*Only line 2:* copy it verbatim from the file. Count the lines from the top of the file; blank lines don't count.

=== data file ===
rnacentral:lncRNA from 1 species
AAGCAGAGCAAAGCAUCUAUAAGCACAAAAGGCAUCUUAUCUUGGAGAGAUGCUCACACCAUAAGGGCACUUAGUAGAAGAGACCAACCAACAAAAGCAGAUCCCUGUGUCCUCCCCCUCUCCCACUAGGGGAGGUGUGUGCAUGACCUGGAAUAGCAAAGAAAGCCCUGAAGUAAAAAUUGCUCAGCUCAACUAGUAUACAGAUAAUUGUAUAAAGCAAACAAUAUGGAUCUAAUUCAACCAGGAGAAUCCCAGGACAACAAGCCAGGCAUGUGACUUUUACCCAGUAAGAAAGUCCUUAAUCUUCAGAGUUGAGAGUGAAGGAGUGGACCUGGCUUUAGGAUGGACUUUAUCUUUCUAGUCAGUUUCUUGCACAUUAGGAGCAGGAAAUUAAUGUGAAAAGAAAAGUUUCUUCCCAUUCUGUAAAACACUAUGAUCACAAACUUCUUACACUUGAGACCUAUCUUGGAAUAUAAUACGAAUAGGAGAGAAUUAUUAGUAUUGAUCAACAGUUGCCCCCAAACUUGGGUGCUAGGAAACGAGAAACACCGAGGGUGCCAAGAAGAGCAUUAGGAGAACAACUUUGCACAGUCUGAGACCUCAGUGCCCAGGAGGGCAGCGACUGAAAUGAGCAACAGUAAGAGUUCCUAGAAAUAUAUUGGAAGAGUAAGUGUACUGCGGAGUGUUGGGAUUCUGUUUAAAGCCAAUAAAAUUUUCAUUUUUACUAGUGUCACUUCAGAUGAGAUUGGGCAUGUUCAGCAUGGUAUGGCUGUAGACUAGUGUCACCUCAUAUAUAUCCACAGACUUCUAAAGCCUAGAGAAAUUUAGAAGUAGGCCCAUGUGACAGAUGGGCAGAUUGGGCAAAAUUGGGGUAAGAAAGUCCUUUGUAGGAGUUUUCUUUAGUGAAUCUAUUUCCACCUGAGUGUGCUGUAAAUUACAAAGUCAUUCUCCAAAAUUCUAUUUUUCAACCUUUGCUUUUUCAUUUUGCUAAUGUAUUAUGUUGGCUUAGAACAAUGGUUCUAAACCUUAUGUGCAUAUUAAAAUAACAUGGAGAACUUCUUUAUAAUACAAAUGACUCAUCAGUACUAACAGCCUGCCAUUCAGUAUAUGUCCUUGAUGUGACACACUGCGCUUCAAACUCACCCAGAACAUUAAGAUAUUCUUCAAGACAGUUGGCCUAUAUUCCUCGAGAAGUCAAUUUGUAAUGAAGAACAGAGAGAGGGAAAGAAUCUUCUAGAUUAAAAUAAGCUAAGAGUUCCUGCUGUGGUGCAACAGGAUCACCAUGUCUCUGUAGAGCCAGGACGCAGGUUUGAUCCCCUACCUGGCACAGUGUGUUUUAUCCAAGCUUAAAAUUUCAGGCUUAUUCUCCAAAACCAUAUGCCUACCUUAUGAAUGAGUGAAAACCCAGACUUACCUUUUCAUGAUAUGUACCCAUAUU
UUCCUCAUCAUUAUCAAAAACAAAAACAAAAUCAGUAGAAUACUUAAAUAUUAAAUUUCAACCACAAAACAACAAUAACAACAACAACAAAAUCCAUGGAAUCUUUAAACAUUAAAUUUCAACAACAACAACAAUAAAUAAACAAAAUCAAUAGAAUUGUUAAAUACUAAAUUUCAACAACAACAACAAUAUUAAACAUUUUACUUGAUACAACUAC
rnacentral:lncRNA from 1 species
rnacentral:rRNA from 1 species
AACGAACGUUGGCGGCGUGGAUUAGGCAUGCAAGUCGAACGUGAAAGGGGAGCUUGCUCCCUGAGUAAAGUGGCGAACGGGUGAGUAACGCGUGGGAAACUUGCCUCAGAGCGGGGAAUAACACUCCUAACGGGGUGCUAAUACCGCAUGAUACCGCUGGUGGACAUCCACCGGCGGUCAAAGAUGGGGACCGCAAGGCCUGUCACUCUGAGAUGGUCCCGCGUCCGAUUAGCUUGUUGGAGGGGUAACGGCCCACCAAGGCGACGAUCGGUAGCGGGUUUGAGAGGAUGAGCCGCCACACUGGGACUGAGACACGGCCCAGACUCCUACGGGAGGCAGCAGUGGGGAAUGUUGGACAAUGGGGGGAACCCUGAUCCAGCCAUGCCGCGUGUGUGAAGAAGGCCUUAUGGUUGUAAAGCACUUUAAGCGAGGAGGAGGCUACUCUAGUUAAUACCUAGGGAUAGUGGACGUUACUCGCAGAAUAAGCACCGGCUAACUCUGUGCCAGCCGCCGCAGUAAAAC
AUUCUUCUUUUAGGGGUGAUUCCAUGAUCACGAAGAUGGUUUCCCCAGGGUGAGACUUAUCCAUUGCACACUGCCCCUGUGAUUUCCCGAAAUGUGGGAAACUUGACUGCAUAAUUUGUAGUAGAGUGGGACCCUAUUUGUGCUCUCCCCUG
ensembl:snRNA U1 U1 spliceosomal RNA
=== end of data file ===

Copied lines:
AAGCAGAGCAAAGCAUCUAUAAGCACAAAAGGCAUCUUAUCUUGGAGAGAUGCUCACACCAUAAGGGCACUUAGUAGAAGAGACCAACCAACAAAAGCAGAUCCCUGUGUCCUCCCCCUCUCCCACUAGGGGAGGUGUGUGCAUGACCUGGAAUAGCAAAGAAAGCCCUGAAGUAAAAAUUGCUCAGCUCAACUAGUAUACAGAUAAUUGUAUAAAGCAAACAAUAUGGAUCUAAUUCAACCAGGAGAAUCCCAGGACAACAAGCCAGGCAUGUGACUUUUACCCAGUAAGAAAGUCCUUAAUCUUCAGAGUUGAGAGUGAAGGAGUGGACCUGGCUUUAGGAUGGACUUUAUCUUUCUAGUCAGUUUCUUGCACAUUAGGAGCAGGAAAUUAAUGUGAAAAGAAAAGUUUCUUCCCAUUCUGUAAAACACUAUGAUCACAAACUUCUUACACUUGAGACCUAUCUUGGAAUAUAAUACGAAUAGGAGAGAAUUAUUAGUAUUGAUCAACAGUUGCCCCCAAACUUGGGUGCUAGGAAACGAGAAACACCGAGGGUGCCAAGAAGAGCAUUAGGAGAACAACUUUGCACAGUCUGAGACCUCAGUGCCCAGGAGGGCAGCGACUGAAAUGAGCAACAGUAAGAGUUCCUAGAAAUAUAUUGGAAGAGUAAGUGUACUGCGGAGUGUUGGGAUUCUGUUUAAAGCCAAUAAAAUUUUCAUUUUUACUAGUGUCACUUCAGAUGAGAUUGGGCAUGUUCAGCAUGGUAUGGCUGUAGACUAGUGUCACCUCAUAUAUAUCCACAGACUUCUAAAGCCUAGAGAAAUUUAGAAGUAGGCCCAUGUGACAGAUGGGCAGAUUGGGCAAAAUUGGGGUAAGAAAGUCCUUUGUAGGAGUUUUCUUUAGUGAAUCUAUUUCCACCUGAGUGUGCUGUAAAUUACAAAGUCAUUCUCCAAAAUUCUAUUUUUCAACCUUUGCUUUUUCAUUUUGCUAAUGUAUUAUGUUGGCUUAGAACAAUGGUUCUAAACCUUAUGUGCAUAUUAAAAUAACAUGGAGAACUUCUUUAUAAUACAAAUGACUCAUCAGUACUAACAGCCUGCCAUUCAGUAUAUGUCCUUGAUGUGACACACUGCGCUUCAAACUCACCCAGAACAUUAAGAUAUUCUUCAAGACAGUUGGCCUAUAUUCCUCGAGAAGUCAAUUUGUAAUGAAGAACAGAGAGAGGGAAAGAAUCUUCUAGAUUAAAAUAAGCUAAGAGUUCCUGCUGUGGUGCAACAGGAUCACCAUGUCUCUGUAGAGCCAGGACGCAGGUUUGAUCCCCUACCUGGCACAGUGUGUUUUAUCCAAGCUUAAAAUUUCAGGCUUAUUCUCCAAAACCAUAUGCCUACCUUAUGAAUGAGUGAAAACCCAGACUUACCUUUUCAUGAUAUGUACCCAUAUU